CHARLESTON S.C. (WCBD)— Governor McMaster says that the project to extend interstate I-526 across Johns and James island is moving forward.
The governor was in the Lowcountry today — pledging continued support of the project.
“Building a highway, particularly in such a sensitive area as this, takes a lot of work and a lot of care, but its going to get done,” McMaster said.
Charleston County has been talking about completing I-526 for years and the project gained traction last year when Governor McMaster told the State Infrastructure Bank to support the project with funding.
Today, McMaster told local leaders that the state is still on board.
“This road will be very important for prosperity, for transportation, not only for residents and businesses, but for tourists. As well as for evacuation and safety,” McMaster said.
The total cost of the project is upwards of $750 million with the State Infrastructure Bank paying for $420 million and Charleston County paying around $350 million.
The governor says that with the project funded, things can move ahead.
However, Charleston County Council Chairman, Elliot Summey says that a lawsuit filed by the Coastal Conservation League may delay them from beginning construction.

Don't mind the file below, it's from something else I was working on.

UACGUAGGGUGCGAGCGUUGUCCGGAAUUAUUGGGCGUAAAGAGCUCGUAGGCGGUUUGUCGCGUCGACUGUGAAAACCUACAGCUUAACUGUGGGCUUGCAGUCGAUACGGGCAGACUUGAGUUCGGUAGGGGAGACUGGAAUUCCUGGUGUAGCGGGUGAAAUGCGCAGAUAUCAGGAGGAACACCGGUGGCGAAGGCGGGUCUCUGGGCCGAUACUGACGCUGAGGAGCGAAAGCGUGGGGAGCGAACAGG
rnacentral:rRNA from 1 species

“A timeline for construction? Call the Coastal Conservation league. If they’ll quit suing us, then we’ll get started,” Summey said.
The Coastal Conservation League filed a lawsuit, back in May, against Charleston County and the State Infrastructure Bank over the funding contract to finish I-526.
The suit centers around how Charleston County plans to fund the extension with funding from previous half-cent sales tax referendums passed in 2004 and 2016.
The Coastal Conservation League claims that in 2016, I-526 was not listed in the ordinance Charleston County Council approved to put the sales tax referendum on the ballot.
“All of the risk for $300 million dollars plus cost overruns falls on Charleston County residents. Charleston County residents didn’t vote for this, but they are being forced to take on all of the risk and we just don’t think that’s right,” Diane Knich, Communications Associate for Coastal Conservation League said.
Chairman Summey speaks out about the lawsuit from the Coastal Conservation League, saying, “This is a highly funded, propaganda type group that is trying to impede safety and progress for the residents of Charleston County. This road is going to be built.”
According to Charleston County officials, the motion hearing for the lawsuit from the Coastal Conservation League is in October.
Despite the lawsuit, Charleston County and Governor McMaster say they are moving forward with permitting process with U.S. Army Corps of Engineers and National Environmental Policy Act (NEPA) for the I-526 project.